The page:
Of course, the team’s 350 mph goal had become obsolete and was getting more dated by the passing months; they’d not yet realized that the English teams were already poised to exceed 350 mph. Once the team realized the need to reassess and adjust their target speed, Dr. Porsche, Stuck and Mickl recalculated the possibilities for their existing design. Their findings? They’d need more power. They requested that Mercedes engineers build a very special 44.5-liter, supercharged, 3000-horsepower version of their DB aero engine to power the T80, which Dr. Porsche now projected would run at an incredible 466 mph.

Big speeds required big power: some 3000 horsepower courtesy of 44.5 liters.

Unaware of what the Germans were planning and undaunted by Eyston hitting the 350 mark, Cobb again returned to the salt in August of 1939, just as World War II was dawning. He clocked an impressive 369.74 mph.

Days later, the outbreak of WWII halted land-speed competition for almost a decade, killing any possibility of the German T80 vehicle competing in Bonneville. In fact, the super-secret land-speed racer was hidden away for the duration of the conflict.

Had the war not interfered with the Germans’ plan to capture the record from the British, Dr. Porsche’s radical Mercedes-Benz T80 could have topped Cobb’s final attempt. Even today’s official wheel-driven record of 437.183 mph, set by American George Poteet in his Speed Demon, is still well short of Dr. Porsche’s predictions for the T80. If this vehicle, conceived some 80 years ago, were completed today to Dr. Porsche’s original specifications, it could likely run to 460 mph and beyond.


  • Light Weight

Instead of the 5-to-7-ton weight of the British-built cars, Dr. Porsche had wisely set a “light” target weight of some 2.5 tons for the T80. He did so to both relieve the pressure on the car’s four driven tires and allow better acceleration on the possibly less tractive salt.

  • Early Downforce

To offset the “unknown” conditions of Bonneville (no German had yet raced on the salt, and traction actually did change from year to year depending on moisture), Dr. Porsche and aero consultant Joseph Mickl integrated two large inverted airfoil wings midship. These wings would increase downforce as speed increased.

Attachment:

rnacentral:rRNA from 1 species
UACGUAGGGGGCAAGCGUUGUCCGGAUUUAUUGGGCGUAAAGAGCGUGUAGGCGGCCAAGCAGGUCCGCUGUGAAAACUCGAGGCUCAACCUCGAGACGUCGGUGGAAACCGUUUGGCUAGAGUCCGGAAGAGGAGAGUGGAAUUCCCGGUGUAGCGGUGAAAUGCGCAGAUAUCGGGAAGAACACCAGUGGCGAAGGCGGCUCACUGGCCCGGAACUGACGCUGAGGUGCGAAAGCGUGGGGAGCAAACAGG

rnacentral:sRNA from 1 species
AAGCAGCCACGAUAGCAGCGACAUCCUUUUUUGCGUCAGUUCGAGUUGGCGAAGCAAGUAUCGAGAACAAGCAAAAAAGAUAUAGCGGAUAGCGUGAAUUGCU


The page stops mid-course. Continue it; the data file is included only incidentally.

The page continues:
• Traction Control

A clever traction-control system would theoretically eliminate any wheel spin from the four driven wheels. The system used a pair of flexible cables, similar to those found controlling a speedometer. One ran from the rear driven wheels while another was connected to a non-powered front wheel; the cables met at a differential device on the engine’s fuel-injection pump. If the system sensed that the driven wheels were spinning faster than the fronts, the injector pump would detect the difference and cut fuel flow to the engine.

  • Slipstream Shape

The futility of trying to increase speeds with open-wheelers finally convinced Mercedes-Benz’s eternally shrewd team manager, Alfred Neubauer, that full-envelope bodies were required to top 250 with any sense of safety.

  • Narrow Body

The main body of Dr. Porsche’s T80 would also be much narrower at just 69 inches. His six-wheeled, mid-engine creation was an amazing 26 feet, 8 inches in length, with the supercharged engine taking up most of the room.

  • Exotic Power

The Mercedes-Benz 44.5-liter engine, a special variant of the basic DB design, was expected to deliver some 3000 brake horsepower on an exotic mix of methyl-alcohol, benzine, ethanol, acetone, nitrobenzene and av-gas-with a slight amount of water added to prevent detonation. Supercharging this huge engine was, of course, necessary to offset the deleterious effects of thinner air at Bonneville’s 4219-foot altitude.

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65289Cobra New Reader
6/18/19 6:21 p.m.

Interesting article!  In September 1961, at age 23, I attended the Scuderia Hanseat driving school held at the Nurburgring;  we utilized both the North and South loops.  Among our instuctors was Hans Stuck Senior.  Many of my fellow students were too young to be in awe of him, but I was well aware of his prewar prowess.  He was driving a tiny BMW 700 2-door sedan and extracting every last ounce of performance out of it!

Joel Nelson


6/19/19 1:18 p.m.

Peter: I know that your list of "the Records" was of necessity incomplete.

However, I am surprised that you failed to mention the heroic efforts of the Arfon brothers, especially Art Arfon's 555 mph record run on Nov 7, 1965

At the recent Canadian GP, I met David Tremayne, an authority on the LSR, having collaborated on an updated version of Cyril Posthumus' definitive history of the "Land Speed Record", He reminded me of another excellent history: "Speed Duel" by Samuel Hawley which covers the "sixties" part of the history.

MGWrench New Reader
6/1/22 3:22 p.m.

In reply to GeoWeb :

Art Afrons run was with a jet powered car, not a wheel driven car, so Peter is correct.